rc

ReloaderFred
March 8, 2011, 12:21 PM
Here we go again! The search function will turn up about a dozen threads on this subject, but I'll once again give a short tutorial on the use of small pistol primers in the .45 acp.

The use of small pistol primers in .45 started (at least in this country) when the quest for primers without lead styphnate started several years ago. This was prompted by the increased use of indoor ranges and people concerned with lead poisoning. The quest is ongoing, by the way, and I was told by a technician at the ATK booth at the SHOT Show in Las Vegas in January that it wouldn't be long before all primers would be Non-Toxic, and not contain lead.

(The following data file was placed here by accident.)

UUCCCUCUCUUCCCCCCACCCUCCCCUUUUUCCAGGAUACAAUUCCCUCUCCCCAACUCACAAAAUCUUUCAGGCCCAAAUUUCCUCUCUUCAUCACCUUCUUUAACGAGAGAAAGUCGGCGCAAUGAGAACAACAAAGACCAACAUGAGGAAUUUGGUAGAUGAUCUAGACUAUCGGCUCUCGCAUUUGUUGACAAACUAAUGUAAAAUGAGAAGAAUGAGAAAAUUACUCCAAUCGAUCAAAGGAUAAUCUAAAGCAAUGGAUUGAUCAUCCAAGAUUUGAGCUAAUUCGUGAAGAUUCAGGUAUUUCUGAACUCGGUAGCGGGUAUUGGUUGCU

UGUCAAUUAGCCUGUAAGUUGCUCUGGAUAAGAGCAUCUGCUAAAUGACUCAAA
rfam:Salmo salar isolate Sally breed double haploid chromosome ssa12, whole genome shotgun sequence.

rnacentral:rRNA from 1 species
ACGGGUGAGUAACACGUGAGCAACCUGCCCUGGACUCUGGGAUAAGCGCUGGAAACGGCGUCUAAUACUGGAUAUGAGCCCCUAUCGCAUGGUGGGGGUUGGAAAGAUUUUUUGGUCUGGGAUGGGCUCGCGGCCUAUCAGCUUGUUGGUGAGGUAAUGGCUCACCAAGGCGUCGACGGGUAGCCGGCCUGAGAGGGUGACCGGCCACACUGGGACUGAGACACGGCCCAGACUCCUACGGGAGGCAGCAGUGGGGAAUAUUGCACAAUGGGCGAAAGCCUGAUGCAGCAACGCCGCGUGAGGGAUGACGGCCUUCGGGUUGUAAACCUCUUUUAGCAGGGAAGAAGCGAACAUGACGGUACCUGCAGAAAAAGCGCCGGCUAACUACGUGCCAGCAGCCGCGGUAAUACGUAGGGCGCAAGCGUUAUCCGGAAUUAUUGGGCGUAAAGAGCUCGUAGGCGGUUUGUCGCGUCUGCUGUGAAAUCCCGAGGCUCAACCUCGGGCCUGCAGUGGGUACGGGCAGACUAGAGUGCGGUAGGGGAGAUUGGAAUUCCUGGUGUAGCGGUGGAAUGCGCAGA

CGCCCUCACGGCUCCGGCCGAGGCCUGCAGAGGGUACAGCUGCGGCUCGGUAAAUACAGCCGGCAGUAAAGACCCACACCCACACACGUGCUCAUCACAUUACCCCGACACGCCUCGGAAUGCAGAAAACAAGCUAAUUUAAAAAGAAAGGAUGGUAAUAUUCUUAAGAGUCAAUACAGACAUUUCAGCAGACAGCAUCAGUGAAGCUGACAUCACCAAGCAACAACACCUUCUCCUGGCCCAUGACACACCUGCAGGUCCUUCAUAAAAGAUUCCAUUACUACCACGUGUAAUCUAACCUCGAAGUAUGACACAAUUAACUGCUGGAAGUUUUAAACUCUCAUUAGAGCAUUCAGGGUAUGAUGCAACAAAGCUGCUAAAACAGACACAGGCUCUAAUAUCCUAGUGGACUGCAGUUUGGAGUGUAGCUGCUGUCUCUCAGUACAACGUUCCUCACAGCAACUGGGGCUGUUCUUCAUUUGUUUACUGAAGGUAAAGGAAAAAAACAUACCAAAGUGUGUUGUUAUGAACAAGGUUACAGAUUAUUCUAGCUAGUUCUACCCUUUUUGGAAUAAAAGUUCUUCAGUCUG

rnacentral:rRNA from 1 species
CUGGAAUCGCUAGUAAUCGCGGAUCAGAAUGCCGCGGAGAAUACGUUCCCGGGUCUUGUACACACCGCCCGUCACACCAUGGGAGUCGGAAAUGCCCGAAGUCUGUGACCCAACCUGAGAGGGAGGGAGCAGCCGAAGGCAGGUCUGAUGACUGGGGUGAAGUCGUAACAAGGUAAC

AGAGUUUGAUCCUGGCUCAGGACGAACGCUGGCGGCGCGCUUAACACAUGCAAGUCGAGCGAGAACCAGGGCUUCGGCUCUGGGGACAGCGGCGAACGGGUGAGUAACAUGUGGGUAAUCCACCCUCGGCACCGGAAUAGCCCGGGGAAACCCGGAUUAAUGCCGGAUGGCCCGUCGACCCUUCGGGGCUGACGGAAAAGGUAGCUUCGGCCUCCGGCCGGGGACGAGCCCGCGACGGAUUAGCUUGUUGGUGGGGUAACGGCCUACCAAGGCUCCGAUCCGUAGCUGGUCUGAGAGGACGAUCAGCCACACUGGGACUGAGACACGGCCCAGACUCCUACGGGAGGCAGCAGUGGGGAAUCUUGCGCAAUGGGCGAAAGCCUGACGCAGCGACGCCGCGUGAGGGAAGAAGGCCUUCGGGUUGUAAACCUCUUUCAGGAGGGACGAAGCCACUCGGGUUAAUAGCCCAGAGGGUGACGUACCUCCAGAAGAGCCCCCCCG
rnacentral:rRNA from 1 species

Anyway, the Non-Toxic (NT) priming compound, which is an explosive, just like lead styphnate, has a higher brisance than the lead styphnate compound. Brisance is the velocity of the explosive gases. The increased brisance made the primers back out of the primer pocket faster than lead styphnate primers, so they would expand outside the primer pocket before the burning powder inside the case had a chance to produce enough pressure to push the case back and reseat the primer. (this is what occurs when a cartridge is fired) This caused excessive flattening of primers and the brass primer cup would flow.

The first attempt to fix this problem was enlarging the flash hole to almost 1/8" in diameter. This was done by both Federal and Winchester. These cases will load just fine, by the way.